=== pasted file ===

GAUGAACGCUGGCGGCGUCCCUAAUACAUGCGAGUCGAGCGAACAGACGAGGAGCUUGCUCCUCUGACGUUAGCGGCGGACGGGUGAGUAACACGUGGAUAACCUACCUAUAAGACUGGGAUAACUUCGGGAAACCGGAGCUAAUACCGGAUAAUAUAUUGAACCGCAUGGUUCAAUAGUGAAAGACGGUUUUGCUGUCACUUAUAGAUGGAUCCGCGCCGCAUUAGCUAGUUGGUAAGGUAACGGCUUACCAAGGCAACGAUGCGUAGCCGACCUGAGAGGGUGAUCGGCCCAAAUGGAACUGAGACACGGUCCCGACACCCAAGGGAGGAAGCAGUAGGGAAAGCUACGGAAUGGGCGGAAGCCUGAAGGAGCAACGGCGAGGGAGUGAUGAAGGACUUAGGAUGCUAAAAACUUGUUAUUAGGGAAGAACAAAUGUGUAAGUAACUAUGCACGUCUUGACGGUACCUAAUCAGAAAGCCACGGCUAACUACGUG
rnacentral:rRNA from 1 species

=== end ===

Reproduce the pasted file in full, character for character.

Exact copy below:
GAUGAACGCUGGCGGCGUCCCUAAUACAUGCGAGUCGAGCGAACAGACGAGGAGCUUGCUCCUCUGACGUUAGCGGCGGACGGGUGAGUAACACGUGGAUAACCUACCUAUAAGACUGGGAUAACUUCGGGAAACCGGAGCUAAUACCGGAUAAUAUAUUGAACCGCAUGGUUCAAUAGUGAAAGACGGUUUUGCUGUCACUUAUAGAUGGAUCCGCGCCGCAUUAGCUAGUUGGUAAGGUAACGGCUUACCAAGGCAACGAUGCGUAGCCGACCUGAGAGGGUGAUCGGCCCAAAUGGAACUGAGACACGGUCCCGACACCCAAGGGAGGAAGCAGUAGGGAAAGCUACGGAAUGGGCGGAAGCCUGAAGGAGCAACGGCGAGGGAGUGAUGAAGGACUUAGGAUGCUAAAAACUUGUUAUUAGGGAAGAACAAAUGUGUAAGUAACUAUGCACGUCUUGACGGUACCUAAUCAGAAAGCCACGGCUAACUACGUG
rnacentral:rRNA from 1 species